Morning Must Reads: New Budget Guidelines Envision Even More Cuts Next Year and a New Voter ID Debuts

Less than two months into the new fiscal year, the Corbett administration is out with internal budgetary guidelines for the 2013-14 fiscal year — and, you guessed it, more cuts are on the menu.

The administration cites declining federal funds and increased mandatory state expenses, including higher costs for health care and prisons. The new guidelines specifically tell state departments and agencies that if they lose federal funding, they should not request additional state funding to offset the loss.

Sharon Ward of the Pennsylvania Budget and Policy Center asks in a story by the PA Independent whether that blanket approach is wise.

“This administration has a track record of proposing budgets that are more fiscally conservative than necessary, then coming back later to find the money is really there,” Ward said.

She said the expected increases in Medicaid costs could be lessened if the economy picks up, and warned against giving away potential revenue in the form of tax credits, a policy the Corbett Administration has pursued on several fronts

Despite some positive signs in the first half of the year, the state economy seems to have stumbled during the summer, as unemployment in Pennsylvania climbed from 7.4 percent in May to 7.9 percent in July.

In January, the Independent Fiscal Office projected 1.6 percent growth in the state’s economy during 2012 and 2.4 percent in 2013.

It estimated unemployment in Pennsylvania would remain above 7 percent into 2014.

A new type of photo ID for voting in the fall election, known as the Pennsylvania Department of State ID, is making its debut this week. The state's new strict Voter ID Law requires voters to show certain types of photo IDs in order to cast a ballot. The new ID is intended for voters who are having difficulty obtaining a traditional photo ID from the Pennsylvania Department of Transportation. Sharon Ward is again quoted in a report from Fox 43 in Harrisburg.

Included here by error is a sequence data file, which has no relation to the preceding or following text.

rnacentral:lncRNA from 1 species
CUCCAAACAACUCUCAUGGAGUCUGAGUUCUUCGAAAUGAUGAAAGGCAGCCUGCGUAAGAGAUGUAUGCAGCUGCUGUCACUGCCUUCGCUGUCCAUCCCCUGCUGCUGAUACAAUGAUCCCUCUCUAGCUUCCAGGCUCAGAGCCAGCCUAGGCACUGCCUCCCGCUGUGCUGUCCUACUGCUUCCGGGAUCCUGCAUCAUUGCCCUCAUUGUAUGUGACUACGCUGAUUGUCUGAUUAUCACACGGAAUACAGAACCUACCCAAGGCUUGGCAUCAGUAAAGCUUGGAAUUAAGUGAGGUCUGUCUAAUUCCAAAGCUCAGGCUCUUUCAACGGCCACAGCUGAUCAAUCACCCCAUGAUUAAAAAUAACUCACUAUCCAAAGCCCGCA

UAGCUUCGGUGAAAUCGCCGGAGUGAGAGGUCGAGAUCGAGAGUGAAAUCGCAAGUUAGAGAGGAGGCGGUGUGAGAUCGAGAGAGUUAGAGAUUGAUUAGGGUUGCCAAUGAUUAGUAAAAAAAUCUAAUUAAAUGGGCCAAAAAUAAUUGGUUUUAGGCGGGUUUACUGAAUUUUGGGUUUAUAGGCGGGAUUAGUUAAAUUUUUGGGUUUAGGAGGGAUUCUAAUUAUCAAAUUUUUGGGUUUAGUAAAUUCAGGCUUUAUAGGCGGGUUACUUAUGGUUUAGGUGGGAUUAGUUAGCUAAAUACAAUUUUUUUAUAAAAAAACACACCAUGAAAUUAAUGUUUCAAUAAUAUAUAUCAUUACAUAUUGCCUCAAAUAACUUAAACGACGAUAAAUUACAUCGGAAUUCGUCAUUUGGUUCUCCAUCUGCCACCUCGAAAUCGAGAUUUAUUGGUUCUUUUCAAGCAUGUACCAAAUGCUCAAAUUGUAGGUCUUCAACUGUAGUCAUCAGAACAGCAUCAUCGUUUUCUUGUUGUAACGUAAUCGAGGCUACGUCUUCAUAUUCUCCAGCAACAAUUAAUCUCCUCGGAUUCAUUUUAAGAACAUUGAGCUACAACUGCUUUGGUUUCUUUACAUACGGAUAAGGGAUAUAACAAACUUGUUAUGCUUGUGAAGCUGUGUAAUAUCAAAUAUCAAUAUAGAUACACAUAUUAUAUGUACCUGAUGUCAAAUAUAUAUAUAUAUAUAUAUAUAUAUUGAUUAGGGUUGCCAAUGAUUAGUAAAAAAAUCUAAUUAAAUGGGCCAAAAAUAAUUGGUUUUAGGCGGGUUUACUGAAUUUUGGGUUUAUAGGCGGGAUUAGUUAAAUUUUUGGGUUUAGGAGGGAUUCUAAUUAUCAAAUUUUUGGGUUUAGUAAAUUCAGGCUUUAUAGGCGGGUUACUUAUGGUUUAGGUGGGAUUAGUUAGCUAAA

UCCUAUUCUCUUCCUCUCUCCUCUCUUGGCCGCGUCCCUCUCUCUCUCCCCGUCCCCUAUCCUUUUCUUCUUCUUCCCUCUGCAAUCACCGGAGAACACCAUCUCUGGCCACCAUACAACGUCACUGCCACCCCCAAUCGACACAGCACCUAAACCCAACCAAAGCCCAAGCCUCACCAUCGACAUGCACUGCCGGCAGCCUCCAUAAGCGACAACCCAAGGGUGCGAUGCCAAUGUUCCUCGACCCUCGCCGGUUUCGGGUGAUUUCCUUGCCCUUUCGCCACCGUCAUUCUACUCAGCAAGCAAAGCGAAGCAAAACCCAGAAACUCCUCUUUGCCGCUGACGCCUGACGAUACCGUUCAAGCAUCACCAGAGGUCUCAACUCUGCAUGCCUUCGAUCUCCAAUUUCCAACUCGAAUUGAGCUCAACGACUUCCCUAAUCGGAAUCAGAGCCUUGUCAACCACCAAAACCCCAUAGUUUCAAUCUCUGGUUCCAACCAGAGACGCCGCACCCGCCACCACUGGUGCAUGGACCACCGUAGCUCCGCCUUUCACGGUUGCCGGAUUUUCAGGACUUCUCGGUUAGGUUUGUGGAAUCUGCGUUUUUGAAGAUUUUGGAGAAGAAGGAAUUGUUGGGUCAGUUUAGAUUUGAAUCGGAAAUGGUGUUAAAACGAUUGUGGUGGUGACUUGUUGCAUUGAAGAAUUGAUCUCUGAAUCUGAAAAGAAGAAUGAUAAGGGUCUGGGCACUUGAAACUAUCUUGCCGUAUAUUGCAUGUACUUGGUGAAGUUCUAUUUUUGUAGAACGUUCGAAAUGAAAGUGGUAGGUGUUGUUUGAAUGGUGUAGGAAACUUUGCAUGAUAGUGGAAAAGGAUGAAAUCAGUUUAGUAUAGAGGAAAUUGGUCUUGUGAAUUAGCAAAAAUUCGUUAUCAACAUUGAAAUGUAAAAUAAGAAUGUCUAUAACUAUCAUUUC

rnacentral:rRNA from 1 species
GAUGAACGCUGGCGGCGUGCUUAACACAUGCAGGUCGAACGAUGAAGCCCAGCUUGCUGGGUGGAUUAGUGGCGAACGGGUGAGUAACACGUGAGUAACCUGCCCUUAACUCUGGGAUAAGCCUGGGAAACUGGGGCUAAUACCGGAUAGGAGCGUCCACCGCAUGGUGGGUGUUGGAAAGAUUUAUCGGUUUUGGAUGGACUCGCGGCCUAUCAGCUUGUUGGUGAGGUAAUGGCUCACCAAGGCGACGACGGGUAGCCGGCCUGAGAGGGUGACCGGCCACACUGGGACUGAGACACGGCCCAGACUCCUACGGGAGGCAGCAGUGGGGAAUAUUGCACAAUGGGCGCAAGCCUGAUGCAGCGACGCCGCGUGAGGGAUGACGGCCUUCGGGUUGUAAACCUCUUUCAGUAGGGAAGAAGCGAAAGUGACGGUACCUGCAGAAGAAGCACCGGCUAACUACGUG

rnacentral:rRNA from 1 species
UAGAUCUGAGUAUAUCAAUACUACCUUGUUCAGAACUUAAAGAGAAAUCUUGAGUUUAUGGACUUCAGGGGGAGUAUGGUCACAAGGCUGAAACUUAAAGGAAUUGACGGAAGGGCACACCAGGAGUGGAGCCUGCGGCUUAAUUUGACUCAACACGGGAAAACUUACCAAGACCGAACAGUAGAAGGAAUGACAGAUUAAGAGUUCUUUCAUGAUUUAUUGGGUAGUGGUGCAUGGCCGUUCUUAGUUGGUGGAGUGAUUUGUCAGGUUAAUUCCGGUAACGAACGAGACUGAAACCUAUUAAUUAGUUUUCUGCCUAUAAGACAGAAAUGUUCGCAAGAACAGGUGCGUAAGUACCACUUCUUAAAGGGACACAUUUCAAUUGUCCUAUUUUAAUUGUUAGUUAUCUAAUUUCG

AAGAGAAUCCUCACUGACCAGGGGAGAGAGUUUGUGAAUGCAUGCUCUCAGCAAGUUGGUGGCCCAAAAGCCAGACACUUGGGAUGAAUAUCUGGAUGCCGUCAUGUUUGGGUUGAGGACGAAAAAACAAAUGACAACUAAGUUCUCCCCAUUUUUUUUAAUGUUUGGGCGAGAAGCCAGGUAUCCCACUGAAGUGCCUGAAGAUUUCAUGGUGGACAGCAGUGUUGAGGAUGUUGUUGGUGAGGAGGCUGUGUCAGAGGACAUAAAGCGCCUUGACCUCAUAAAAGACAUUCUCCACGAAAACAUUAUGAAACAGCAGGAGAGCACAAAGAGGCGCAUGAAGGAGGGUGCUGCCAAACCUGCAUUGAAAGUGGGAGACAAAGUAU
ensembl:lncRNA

These cards are necessary for people who can't produce enough information, mainly a birth certificate, to be eligible for a license or non-license photo ID. But several groups are worried with just two and a half months until the election, there is misinformation in the process.

"We found that that was very difficult in about 30 percent of the cases. People were told incorrectly that they would have to pay for an ID that they should have gotten for free," said Sharon Ward, with the Pennsylvania Budget and Policy Center.

Groups opposing the voter ID law feel that the process will disenfranchise elderly, minority and young voters. A recent study from the Department of Transportation showed over 700,000 potential voters in Pennsylvania don't have the proper ID to vote in November.

Finally, the Easton Area School District, like many districts across the commonwealth, is doing the best it can to maintain educational programs after two years of deep state budget cuts that have cost 135 jobs, including 72 teachers. And it is doing so by leaning on teachers and staff to do more, but an expert says students could end paying the price for that approach.

To prevent middle-school class sizes from ballooning, the district is maximizing teacher schedules. The daily period when teaching teams met to strategize was eliminated so they can teach an extra period each day. Teachers will have to use time before or after school to meet, according to the district...

George White, a Lehigh University professor and one of the nation's leading experts on middle school education, doubts the district will get the results it wants.

The period for strategizing is the heart and soul of team teaching, White said. It's when teachers make sure they aren't giving students too many tests on the same day and identify trends in student performance and behavior.

"Ultimately what happens when you eliminate that planning time for teams is that kids suffer because we don't coordinate and manage the time of the instructional day in a more effective way," White said....

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